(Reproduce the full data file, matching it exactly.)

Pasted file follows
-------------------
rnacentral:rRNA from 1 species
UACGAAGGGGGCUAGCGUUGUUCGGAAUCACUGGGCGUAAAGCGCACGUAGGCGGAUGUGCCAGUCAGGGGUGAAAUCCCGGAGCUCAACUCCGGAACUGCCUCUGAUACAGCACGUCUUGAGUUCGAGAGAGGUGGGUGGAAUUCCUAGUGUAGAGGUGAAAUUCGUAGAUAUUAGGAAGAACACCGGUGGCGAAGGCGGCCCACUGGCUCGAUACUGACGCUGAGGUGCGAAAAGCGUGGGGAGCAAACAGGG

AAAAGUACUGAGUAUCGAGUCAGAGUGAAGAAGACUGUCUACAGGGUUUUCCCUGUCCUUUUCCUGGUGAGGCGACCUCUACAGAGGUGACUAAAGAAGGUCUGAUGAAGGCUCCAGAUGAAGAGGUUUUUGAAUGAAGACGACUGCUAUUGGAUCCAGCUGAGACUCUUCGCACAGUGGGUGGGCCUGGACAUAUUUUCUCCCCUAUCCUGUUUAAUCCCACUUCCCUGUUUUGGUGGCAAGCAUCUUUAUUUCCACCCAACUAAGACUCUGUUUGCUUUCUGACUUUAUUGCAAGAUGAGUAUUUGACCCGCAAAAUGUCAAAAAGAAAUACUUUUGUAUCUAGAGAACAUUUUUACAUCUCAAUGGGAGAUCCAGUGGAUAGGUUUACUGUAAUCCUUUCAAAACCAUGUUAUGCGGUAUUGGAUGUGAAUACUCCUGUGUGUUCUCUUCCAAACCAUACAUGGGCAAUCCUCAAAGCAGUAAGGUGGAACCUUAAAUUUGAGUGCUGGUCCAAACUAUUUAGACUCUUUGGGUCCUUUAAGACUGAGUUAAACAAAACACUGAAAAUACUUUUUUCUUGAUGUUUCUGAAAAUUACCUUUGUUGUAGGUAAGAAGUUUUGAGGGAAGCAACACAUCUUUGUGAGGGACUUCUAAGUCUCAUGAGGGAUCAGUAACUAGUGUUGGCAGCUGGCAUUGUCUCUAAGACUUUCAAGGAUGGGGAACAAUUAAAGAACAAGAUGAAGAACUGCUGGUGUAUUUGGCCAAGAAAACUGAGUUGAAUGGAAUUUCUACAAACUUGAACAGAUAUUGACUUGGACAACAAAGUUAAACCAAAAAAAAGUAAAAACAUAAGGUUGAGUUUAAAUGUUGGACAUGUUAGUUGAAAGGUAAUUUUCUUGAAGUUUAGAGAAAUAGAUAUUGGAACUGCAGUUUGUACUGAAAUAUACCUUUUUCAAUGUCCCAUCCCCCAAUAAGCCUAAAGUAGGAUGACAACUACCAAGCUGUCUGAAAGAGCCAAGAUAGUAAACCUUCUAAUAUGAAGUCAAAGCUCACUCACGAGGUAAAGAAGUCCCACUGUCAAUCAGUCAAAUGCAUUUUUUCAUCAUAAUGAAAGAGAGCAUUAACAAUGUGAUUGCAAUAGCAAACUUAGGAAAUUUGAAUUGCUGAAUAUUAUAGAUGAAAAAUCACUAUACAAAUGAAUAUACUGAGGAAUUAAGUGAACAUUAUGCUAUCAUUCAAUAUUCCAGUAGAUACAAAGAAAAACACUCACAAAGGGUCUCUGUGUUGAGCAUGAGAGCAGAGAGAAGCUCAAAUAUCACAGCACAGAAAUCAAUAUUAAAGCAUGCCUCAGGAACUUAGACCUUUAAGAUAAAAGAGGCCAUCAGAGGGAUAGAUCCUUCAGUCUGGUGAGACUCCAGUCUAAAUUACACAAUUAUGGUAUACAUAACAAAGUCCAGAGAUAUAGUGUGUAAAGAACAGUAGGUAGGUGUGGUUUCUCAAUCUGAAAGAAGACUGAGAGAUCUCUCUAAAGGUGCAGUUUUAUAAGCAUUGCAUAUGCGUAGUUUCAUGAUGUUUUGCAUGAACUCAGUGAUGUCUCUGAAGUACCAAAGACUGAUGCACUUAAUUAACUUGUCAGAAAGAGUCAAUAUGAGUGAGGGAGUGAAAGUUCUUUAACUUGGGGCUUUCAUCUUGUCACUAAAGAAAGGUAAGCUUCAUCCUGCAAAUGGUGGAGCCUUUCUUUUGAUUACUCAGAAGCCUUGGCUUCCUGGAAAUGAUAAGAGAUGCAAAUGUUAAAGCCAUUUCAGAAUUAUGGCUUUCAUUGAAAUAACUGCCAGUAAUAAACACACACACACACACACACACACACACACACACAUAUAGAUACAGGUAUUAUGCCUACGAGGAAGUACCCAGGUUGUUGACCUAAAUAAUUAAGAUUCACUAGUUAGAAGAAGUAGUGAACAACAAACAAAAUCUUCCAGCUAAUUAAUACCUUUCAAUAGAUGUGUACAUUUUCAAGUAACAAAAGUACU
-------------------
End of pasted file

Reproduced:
rnacentral:rRNA from 1 species
UACGAAGGGGGCUAGCGUUGUUCGGAAUCACUGGGCGUAAAGCGCACGUAGGCGGAUGUGCCAGUCAGGGGUGAAAUCCCGGAGCUCAACUCCGGAACUGCCUCUGAUACAGCACGUCUUGAGUUCGAGAGAGGUGGGUGGAAUUCCUAGUGUAGAGGUGAAAUUCGUAGAUAUUAGGAAGAACACCGGUGGCGAAGGCGGCCCACUGGCUCGAUACUGACGCUGAGGUGCGAAAAGCGUGGGGAGCAAACAGGG

AAAAGUACUGAGUAUCGAGUCAGAGUGAAGAAGACUGUCUACAGGGUUUUCCCUGUCCUUUUCCUGGUGAGGCGACCUCUACAGAGGUGACUAAAGAAGGUCUGAUGAAGGCUCCAGAUGAAGAGGUUUUUGAAUGAAGACGACUGCUAUUGGAUCCAGCUGAGACUCUUCGCACAGUGGGUGGGCCUGGACAUAUUUUCUCCCCUAUCCUGUUUAAUCCCACUUCCCUGUUUUGGUGGCAAGCAUCUUUAUUUCCACCCAACUAAGACUCUGUUUGCUUUCUGACUUUAUUGCAAGAUGAGUAUUUGACCCGCAAAAUGUCAAAAAGAAAUACUUUUGUAUCUAGAGAACAUUUUUACAUCUCAAUGGGAGAUCCAGUGGAUAGGUUUACUGUAAUCCUUUCAAAACCAUGUUAUGCGGUAUUGGAUGUGAAUACUCCUGUGUGUUCUCUUCCAAACCAUACAUGGGCAAUCCUCAAAGCAGUAAGGUGGAACCUUAAAUUUGAGUGCUGGUCCAAACUAUUUAGACUCUUUGGGUCCUUUAAGACUGAGUUAAACAAAACACUGAAAAUACUUUUUUCUUGAUGUUUCUGAAAAUUACCUUUGUUGUAGGUAAGAAGUUUUGAGGGAAGCAACACAUCUUUGUGAGGGACUUCUAAGUCUCAUGAGGGAUCAGUAACUAGUGUUGGCAGCUGGCAUUGUCUCUAAGACUUUCAAGGAUGGGGAACAAUUAAAGAACAAGAUGAAGAACUGCUGGUGUAUUUGGCCAAGAAAACUGAGUUGAAUGGAAUUUCUACAAACUUGAACAGAUAUUGACUUGGACAACAAAGUUAAACCAAAAAAAAGUAAAAACAUAAGGUUGAGUUUAAAUGUUGGACAUGUUAGUUGAAAGGUAAUUUUCUUGAAGUUUAGAGAAAUAGAUAUUGGAACUGCAGUUUGUACUGAAAUAUACCUUUUUCAAUGUCCCAUCCCCCAAUAAGCCUAAAGUAGGAUGACAACUACCAAGCUGUCUGAAAGAGCCAAGAUAGUAAACCUUCUAAUAUGAAGUCAAAGCUCACUCACGAGGUAAAGAAGUCCCACUGUCAAUCAGUCAAAUGCAUUUUUUCAUCAUAAUGAAAGAGAGCAUUAACAAUGUGAUUGCAAUAGCAAACUUAGGAAAUUUGAAUUGCUGAAUAUUAUAGAUGAAAAAUCACUAUACAAAUGAAUAUACUGAGGAAUUAAGUGAACAUUAUGCUAUCAUUCAAUAUUCCAGUAGAUACAAAGAAAAACACUCACAAAGGGUCUCUGUGUUGAGCAUGAGAGCAGAGAGAAGCUCAAAUAUCACAGCACAGAAAUCAAUAUUAAAGCAUGCCUCAGGAACUUAGACCUUUAAGAUAAAAGAGGCCAUCAGAGGGAUAGAUCCUUCAGUCUGGUGAGACUCCAGUCUAAAUUACACAAUUAUGGUAUACAUAACAAAGUCCAGAGAUAUAGUGUGUAAAGAACAGUAGGUAGGUGUGGUUUCUCAAUCUGAAAGAAGACUGAGAGAUCUCUCUAAAGGUGCAGUUUUAUAAGCAUUGCAUAUGCGUAGUUUCAUGAUGUUUUGCAUGAACUCAGUGAUGUCUCUGAAGUACCAAAGACUGAUGCACUUAAUUAACUUGUCAGAAAGAGUCAAUAUGAGUGAGGGAGUGAAAGUUCUUUAACUUGGGGCUUUCAUCUUGUCACUAAAGAAAGGUAAGCUUCAUCCUGCAAAUGGUGGAGCCUUUCUUUUGAUUACUCAGAAGCCUUGGCUUCCUGGAAAUGAUAAGAGAUGCAAAUGUUAAAGCCAUUUCAGAAUUAUGGCUUUCAUUGAAAUAACUGCCAGUAAUAAACACACACACACACACACACACACACACACACACAUAUAGAUACAGGUAUUAUGCCUACGAGGAAGUACCCAGGUUGUUGACCUAAAUAAUUAAGAUUCACUAGUUAGAAGAAGUAGUGAACAACAAACAAAAUCUUCCAGCUAAUUAAUACCUUUCAAUAGAUGUGUACAUUUUCAAGUAACAAAAGUACU